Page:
Portfolios, like trees, need nurturing. Dividends are the drips of moisture your investment portfolio needs to sustain and grow. This is especially important in times of severe drought and market volatility. We are constantly seeking out and evaluating dividend paying stocks for the portfolios we manage. At present, there are many good options and we welcome them.
Not all dividends are created equal and none are guaranteed, although it is rare for companies to reduce or eliminate payouts, as they are often deemed “untouchable”. Even in the severe downturns of past, dividends on the S&P 500 only fell by about 3% (source: Barron’s). Companies typically fall into two categories: those that maintain a fairly steady payout and those striving to raise theirs. Fund managers vary on preference and individual investors unique goals may cause a preference. Quite frankly, I believe we should embrace them all. Call me a tree hugger.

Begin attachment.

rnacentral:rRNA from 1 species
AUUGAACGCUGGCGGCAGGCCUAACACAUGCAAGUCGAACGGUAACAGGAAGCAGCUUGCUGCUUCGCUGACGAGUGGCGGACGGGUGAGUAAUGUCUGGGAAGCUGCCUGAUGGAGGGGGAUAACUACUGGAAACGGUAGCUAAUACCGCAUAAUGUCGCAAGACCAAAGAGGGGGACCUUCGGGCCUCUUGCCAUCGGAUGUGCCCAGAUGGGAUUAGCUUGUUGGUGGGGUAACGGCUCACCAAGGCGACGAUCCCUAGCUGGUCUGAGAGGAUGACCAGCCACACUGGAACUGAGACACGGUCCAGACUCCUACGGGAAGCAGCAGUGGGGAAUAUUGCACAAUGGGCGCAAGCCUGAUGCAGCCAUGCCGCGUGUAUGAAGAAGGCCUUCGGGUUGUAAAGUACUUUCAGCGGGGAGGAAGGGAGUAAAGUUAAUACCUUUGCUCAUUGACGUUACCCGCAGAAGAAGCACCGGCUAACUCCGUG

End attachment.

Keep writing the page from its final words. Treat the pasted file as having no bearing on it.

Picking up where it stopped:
As we’ve stated numerous time this year, the ability to reinvest these dividends or use their income for life’s needs is vital to recovery in market downturns. In selecting dividend or yield generating investments, it’s important to remember that what they pay is a direct function of price. For example, a share of stock trading at $75 per share with a $2 dividend or 2.67%, is all of a sudden paying 3% if share price declines to $67. You can see how, in times like these, yields aren’t looking too bad. Companies that reward their shareholders in this manner are most always considered “nutritious”.
If you have any questions about the dividend payors you may or may not own or if you are reinvesting them, reach out.
Client To Do List:
Here are a couple of things all investors should do this summer:
- Check on your IRA accounts and know how you will be taking your Required Minimum Distributions this year. Please remember it is based on 12/31/2021 value of all your non-Roth IRA holdings.
- Investment holdings in your IRA may be at a lower value now than this time last year making this a good time to evaluate the pros and cons of converting traditional IRA assets to a Roth IRA. Please call for assistance with this.
Interesting Stats on Yearly Changes in Value*:
|Consumer Discretionary stocks||-33.1%|
|Treasuries, 7-10 year||-11.0%|
|Utility stocks||– 2.0%|
*Source: Wall Street Journal – first half of 2022